- Director: Josh Fox
- Country: USA
- Year: 2016
What is so deep within us that no calamity can take it away? How can we face a profoundly uncertain future with creativity and courage? And how do we feel our own despair without giving up on the world? These are the questions that Oscar-nominated documentarian and activist Josh Fox asks in How to Let Go of the World and Love All the Things Climate Can’t Change. Fox makes the case that it’s too late to prevent some of the worst consequences of climate change—but that doesn’t mean we should give up.
Seeking tools from humanity’s cultural heritage, he travels to frontline communities fighting the ecological crisis. In China, collaboration and art help everyday citizens become pollution whistleblowers. Villagers in the Amazon steward their ecosystems with care, and New Yorkers recover from Superstorm Sandy through community engagement. On low-lying island nations, the Pacific Climate Warriors rally around the battle cry, “We are not drowning; we are fighting.” Fox argues that our global crisis calls us to revolutionize our value systems to prioritize compassion, humanity, resilience, democracy, nonviolence, creativity, and justice.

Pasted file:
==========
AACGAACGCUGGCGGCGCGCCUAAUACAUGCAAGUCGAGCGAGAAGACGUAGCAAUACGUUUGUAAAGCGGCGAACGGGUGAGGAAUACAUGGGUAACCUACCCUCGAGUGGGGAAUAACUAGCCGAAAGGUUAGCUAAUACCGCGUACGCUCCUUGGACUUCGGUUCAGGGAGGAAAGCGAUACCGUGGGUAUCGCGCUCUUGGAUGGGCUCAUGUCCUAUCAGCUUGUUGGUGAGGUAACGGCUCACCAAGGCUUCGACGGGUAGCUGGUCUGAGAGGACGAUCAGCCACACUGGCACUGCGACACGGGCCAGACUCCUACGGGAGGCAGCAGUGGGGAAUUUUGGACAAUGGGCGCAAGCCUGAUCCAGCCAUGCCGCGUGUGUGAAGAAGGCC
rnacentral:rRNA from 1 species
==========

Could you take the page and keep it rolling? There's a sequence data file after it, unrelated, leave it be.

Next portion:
Read more in 2016 interview with Josh Fox by Tricycle associate publisher Sam Mowe, “What Makes Humanity Worth Saving?”
To learn more, visit howtoletgomovie.com.
Pacific Climate Warriors celebrate their successful protest, stopping a coal ship from leaving Australia's Port of Newcastle. | Photo courtesy of Bullfrog Films.
Josh Fox in a scene from How to Let Go of the World and Love All the Things Climate Can’t Change. | Photo courtesy of Bullfrog Films.
Raven Joseph and Tatianna Burchette, high school students in the Rockaways (New York City), dance on the beach hit by Hurricane Sandy one thousand days after the storm. | Photo courtesy of Bullfrog Films.
Josh Fox and Ella Chou talk about alternative energy options and reimagining a better future atop the Great Wall of China. | Photo courtesy of Bullfrog Films.
Josh Fox gestures to the oppressive smog from a rooftop in Beijing. | Photo courtesy of Bullfrog Films.